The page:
- pertaining to a contract that can be formed only when the party to whom an offer is made renders the performance for which the offeror bargains.
- pertaining to a contract in which obligation rests on only one party, as a binding promise to make a gift.
Origin of unilateral
Examples from the Web for unilateral
Contemporary Examples of unilateral
Under these circumstances, the kind of unilateral executive action Obama is undertaking will become more and more common.Why Did Obama Flip-Flop on Immigration?
November 21, 2014
To be clear, unilateral Democratic control is just as problematic as the reverse.GOP States’ Hitlist: Abortion, Unions & Hillary
November 18, 2014
He spoke to Putin on June 17 and came away offering a “unilateral cease-fire.”Putin Is Just Getting Started in Ukraine
June 19, 2014
But my unilateral declaration of an end to the kulturkampf was depressingly naive.Warning: This Column Will Offend You
April 28, 2014
Unilateral implementation of certain aspects of the Dream Act never passed by Congress?The ‘Defining Issue of Our Time’ Is Obama’s Constitutional Excesses
January 9, 2014
Historical Examples of unilateral
The deformity is about as frequently bilateral as unilateral.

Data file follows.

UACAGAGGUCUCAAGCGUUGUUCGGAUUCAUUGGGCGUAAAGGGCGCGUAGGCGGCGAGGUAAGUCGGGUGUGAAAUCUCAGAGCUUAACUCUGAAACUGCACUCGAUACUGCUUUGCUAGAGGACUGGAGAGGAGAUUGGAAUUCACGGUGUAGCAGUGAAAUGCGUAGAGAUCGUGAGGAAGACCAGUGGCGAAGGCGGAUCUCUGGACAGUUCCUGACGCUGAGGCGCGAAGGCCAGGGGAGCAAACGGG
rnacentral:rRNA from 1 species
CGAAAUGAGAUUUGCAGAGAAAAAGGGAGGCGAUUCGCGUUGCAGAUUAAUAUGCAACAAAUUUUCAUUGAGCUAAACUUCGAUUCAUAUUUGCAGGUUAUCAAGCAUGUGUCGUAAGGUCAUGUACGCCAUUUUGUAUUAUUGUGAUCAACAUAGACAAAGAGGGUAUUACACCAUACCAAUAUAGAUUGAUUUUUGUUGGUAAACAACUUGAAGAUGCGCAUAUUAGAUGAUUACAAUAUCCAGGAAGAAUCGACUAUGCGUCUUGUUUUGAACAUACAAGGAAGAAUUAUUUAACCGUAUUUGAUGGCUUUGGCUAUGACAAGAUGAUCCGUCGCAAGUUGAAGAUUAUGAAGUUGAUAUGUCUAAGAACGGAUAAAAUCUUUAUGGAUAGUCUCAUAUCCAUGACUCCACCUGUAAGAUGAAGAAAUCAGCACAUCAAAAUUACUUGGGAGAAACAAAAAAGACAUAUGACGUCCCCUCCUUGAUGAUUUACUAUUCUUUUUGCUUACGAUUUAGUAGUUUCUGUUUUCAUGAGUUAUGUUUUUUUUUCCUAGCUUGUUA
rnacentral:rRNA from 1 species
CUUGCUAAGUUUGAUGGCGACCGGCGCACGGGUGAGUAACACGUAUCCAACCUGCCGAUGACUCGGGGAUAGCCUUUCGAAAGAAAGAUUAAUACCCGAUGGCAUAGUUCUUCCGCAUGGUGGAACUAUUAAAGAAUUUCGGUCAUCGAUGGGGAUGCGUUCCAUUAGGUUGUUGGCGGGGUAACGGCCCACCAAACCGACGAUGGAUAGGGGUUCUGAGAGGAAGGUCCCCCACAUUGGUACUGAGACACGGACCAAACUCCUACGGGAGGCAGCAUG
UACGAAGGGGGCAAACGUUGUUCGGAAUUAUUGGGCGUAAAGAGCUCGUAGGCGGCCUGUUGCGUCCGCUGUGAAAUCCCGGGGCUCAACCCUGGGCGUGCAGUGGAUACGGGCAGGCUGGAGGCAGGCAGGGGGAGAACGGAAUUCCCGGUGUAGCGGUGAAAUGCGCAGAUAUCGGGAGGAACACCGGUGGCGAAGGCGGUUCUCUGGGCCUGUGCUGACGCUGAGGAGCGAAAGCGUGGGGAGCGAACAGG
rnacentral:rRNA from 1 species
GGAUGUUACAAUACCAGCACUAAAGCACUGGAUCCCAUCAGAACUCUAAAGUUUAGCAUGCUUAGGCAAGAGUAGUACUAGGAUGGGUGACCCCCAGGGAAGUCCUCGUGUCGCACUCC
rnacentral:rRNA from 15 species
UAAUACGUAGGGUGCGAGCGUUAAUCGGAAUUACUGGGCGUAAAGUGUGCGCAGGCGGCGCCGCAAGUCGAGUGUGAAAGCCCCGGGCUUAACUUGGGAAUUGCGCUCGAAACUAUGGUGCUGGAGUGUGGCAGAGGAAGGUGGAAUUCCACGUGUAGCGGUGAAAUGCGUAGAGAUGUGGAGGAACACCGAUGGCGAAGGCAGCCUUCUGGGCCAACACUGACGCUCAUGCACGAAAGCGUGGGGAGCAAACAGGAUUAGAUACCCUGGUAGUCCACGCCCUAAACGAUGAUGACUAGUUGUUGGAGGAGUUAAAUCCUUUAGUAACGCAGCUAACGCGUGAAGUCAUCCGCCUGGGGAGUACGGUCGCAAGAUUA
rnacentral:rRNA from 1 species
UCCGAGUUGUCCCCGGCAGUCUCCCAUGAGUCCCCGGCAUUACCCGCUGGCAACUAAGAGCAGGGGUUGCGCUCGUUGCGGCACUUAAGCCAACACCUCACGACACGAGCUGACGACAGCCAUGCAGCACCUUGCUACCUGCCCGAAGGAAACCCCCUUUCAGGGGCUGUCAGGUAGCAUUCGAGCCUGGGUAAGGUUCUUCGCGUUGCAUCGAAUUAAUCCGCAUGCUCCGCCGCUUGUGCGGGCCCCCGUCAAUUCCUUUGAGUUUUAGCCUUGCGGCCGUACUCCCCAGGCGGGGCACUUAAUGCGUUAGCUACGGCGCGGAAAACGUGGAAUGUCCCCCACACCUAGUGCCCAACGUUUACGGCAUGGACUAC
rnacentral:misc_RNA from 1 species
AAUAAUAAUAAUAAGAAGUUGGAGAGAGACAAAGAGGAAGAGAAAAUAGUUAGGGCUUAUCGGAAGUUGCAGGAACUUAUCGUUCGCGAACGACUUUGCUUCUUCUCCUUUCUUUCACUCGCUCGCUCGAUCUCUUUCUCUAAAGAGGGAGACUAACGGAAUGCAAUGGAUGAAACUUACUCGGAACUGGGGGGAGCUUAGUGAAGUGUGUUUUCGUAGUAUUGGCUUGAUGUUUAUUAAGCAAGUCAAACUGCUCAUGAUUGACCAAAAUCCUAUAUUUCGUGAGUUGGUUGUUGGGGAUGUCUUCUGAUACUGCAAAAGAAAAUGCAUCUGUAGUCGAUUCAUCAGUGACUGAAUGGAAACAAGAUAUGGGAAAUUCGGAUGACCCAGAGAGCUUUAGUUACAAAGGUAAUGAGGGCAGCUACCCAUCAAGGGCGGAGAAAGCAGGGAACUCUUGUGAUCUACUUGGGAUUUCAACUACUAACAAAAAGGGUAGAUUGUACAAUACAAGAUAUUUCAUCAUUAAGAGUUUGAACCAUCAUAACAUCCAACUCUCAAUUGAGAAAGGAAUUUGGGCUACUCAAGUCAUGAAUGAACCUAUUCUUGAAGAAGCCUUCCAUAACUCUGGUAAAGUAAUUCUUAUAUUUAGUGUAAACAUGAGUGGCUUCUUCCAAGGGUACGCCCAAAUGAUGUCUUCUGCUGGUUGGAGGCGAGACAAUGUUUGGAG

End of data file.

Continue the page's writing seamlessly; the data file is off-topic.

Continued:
The response to unilateral stimulation of the tip of the seedling.Life Movements in Plants, Volume II, 1919
Sir Jagadis Chunder Bose
It can be part of a unilateral transfer or of a bilateral exchange of population.After the Rain
Like many other lingual affections, this is often unilateral.
Several of its provisions are maintained by unilateral Austrian laws.
1802, from Modern Latin unilateralis, from unum, neuter of unus "one" (see one) + latus (genitive lateralis) "side" (see oblate (n.)). Jeremy Bentham (1748-1832) may have been the first to use it in the legal sense of "made or entered into by one party." Unilateral disarmament is recorded from 1929.
It is useless for the sheep to pass resolutions in favor of vegetarianism, while the wolf remains of a different opinion. [William Ralph Inge, "Outspoken Essays," 1919]